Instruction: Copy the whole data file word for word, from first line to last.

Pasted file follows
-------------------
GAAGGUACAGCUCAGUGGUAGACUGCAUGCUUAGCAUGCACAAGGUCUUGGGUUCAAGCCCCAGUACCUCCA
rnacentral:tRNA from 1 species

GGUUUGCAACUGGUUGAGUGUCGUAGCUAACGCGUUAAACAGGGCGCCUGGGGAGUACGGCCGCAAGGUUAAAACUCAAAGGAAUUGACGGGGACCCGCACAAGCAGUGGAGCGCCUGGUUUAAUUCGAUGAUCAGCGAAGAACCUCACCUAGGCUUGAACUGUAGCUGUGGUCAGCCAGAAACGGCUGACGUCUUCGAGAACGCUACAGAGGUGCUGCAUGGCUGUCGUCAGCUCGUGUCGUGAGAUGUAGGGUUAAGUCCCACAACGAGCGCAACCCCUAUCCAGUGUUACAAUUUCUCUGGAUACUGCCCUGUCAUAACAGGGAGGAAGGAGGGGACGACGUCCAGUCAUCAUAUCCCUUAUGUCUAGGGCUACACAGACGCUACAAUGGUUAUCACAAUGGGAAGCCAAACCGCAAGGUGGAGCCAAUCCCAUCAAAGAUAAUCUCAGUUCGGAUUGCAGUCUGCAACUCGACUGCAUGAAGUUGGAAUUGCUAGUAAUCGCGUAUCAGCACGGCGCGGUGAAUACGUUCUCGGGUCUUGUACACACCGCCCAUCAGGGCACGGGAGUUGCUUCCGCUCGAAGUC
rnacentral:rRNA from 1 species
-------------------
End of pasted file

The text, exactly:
GAAGGUACAGCUCAGUGGUAGACUGCAUGCUUAGCAUGCACAAGGUCUUGGGUUCAAGCCCCAGUACCUCCA
rnacentral:tRNA from 1 species

GGUUUGCAACUGGUUGAGUGUCGUAGCUAACGCGUUAAACAGGGCGCCUGGGGAGUACGGCCGCAAGGUUAAAACUCAAAGGAAUUGACGGGGACCCGCACAAGCAGUGGAGCGCCUGGUUUAAUUCGAUGAUCAGCGAAGAACCUCACCUAGGCUUGAACUGUAGCUGUGGUCAGCCAGAAACGGCUGACGUCUUCGAGAACGCUACAGAGGUGCUGCAUGGCUGUCGUCAGCUCGUGUCGUGAGAUGUAGGGUUAAGUCCCACAACGAGCGCAACCCCUAUCCAGUGUUACAAUUUCUCUGGAUACUGCCCUGUCAUAACAGGGAGGAAGGAGGGGACGACGUCCAGUCAUCAUAUCCCUUAUGUCUAGGGCUACACAGACGCUACAAUGGUUAUCACAAUGGGAAGCCAAACCGCAAGGUGGAGCCAAUCCCAUCAAAGAUAAUCUCAGUUCGGAUUGCAGUCUGCAACUCGACUGCAUGAAGUUGGAAUUGCUAGUAAUCGCGUAUCAGCACGGCGCGGUGAAUACGUUCUCGGGUCUUGUACACACCGCCCAUCAGGGCACGGGAGUUGCUUCCGCUCGAAGUC
rnacentral:rRNA from 1 species